We discover more every year about our unique property, but here are a few random tidbits we know so far:
The original mansion that stood on the land was built in 1890 and located where the Ring and Field are. It extended out into the driveway quite a ways as well, we’re told. The house was brick with lots of fancy stained glass windows and a large wrap-around porch. The current brick house we’re living in was originally the carriage house to the mansion. I absolutely love to think how horses bedded in the same structure that we lay our heads at night.
We don’t have the address for the original house because there were apparently no addresses when loveland was initially settled, and then through the years a few 1st Street addresses around our house appeared, changed, and/or disappeared so we’re still trying to suss out which house address is ours as we slowly make our way through the Library’s history books. It’s a fun winter date-night activity for us. **if there are any history buffs reading this we’d LOVE any more information you might have, or might be able to find, about our beloved home’s history.
The original mansion burned down in, we’re told, the late 1960’s and stood mostly untouched for about 20 years until Jason’s grandfather wanted to purchase the property. The original house had to either be repaired or torn down to facilitate the sale and so the sellers chose to dismantle her.
Some of the bricks from the original house are being repurposed on the exterior of the Hobbit coop. One day our wonderful neighbor, Butch the Gingerbread Man (blue house on the corner), came by to see what I was building and when I explained the project he said he wanted to give me a stack of bricks that have been sitting in his backyard for years which he salvaged from the main house as they were tearing it down. Needless to say that was one of the greatest and most original gifts I’ve ever received! You can see which bricks on the coop are from the old house – they’re the ones protruding just a bit out further than all the rest.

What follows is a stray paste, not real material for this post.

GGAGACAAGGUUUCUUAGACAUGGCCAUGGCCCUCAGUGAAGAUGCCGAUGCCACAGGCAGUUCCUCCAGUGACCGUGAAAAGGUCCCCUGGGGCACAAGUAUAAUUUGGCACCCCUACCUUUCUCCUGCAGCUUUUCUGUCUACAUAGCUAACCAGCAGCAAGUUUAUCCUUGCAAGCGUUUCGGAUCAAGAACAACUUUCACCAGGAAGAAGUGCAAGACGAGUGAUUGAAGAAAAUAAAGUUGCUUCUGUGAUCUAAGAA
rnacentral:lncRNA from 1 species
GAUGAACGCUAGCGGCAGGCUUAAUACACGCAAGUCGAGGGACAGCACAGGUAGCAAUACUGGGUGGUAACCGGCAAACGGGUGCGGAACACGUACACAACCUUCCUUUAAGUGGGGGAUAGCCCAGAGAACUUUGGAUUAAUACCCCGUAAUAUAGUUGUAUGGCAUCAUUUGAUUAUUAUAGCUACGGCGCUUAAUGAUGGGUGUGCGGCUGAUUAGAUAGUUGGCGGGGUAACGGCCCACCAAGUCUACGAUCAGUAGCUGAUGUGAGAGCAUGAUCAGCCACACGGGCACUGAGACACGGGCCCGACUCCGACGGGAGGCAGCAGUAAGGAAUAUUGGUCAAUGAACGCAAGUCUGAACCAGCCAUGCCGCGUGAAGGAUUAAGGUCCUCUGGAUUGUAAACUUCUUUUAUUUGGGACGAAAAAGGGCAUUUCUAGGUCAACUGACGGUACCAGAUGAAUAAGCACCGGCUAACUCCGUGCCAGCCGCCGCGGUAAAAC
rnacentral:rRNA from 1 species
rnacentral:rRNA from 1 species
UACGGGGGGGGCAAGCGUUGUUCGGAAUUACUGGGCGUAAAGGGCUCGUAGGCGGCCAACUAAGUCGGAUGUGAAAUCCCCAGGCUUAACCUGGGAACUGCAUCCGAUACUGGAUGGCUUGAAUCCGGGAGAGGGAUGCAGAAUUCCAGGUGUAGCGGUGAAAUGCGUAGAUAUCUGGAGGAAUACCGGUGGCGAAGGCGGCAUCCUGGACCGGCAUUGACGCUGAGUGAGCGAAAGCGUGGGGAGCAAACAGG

At some point in the early 1900’s a brick mason and his son owned the property and I’m wondering if that’s why there are so many brick layers on the exterior of the house. All the exterior walls are, depending on the room, 16-20″ thick due to 3 layers brick, plaster, framing and then drywall.
According to our most vetran-to-the-hood neighbors a “hoarder cat lady” lived here for a long while. Supposedly half the house still had no flooring and was still just dirt and so she used cardboard for flooring. She passed away in the home and it was a bit of a neighborhood spectacle as the home was cleaned out of all her amassed belongings.
The covered patio in the West yard used to be a stone outbuilding, and you can still see the perimeter of the foundation around the cement pad.
The garage was built in 1991 by Jason’s grandfather.
On the West property line at the driveway you can still see metal horse ties that have been pounded down back onto the concrete curb.
Several times while digging I’ve found brick or stone borders and walkways buried 9-12″ below the surface, so you can tell how much organic matter has collected on top of the ground in the 127 years. And who knows? Those may not even be original walkways and borders either.
We’ve found many marbles, a 1902 coin, a metal belt buckle, wire rim glasses, and several beautiful old bottles while digging in the yard. Jason is thinking about investing in a metal detector to see what else we can find.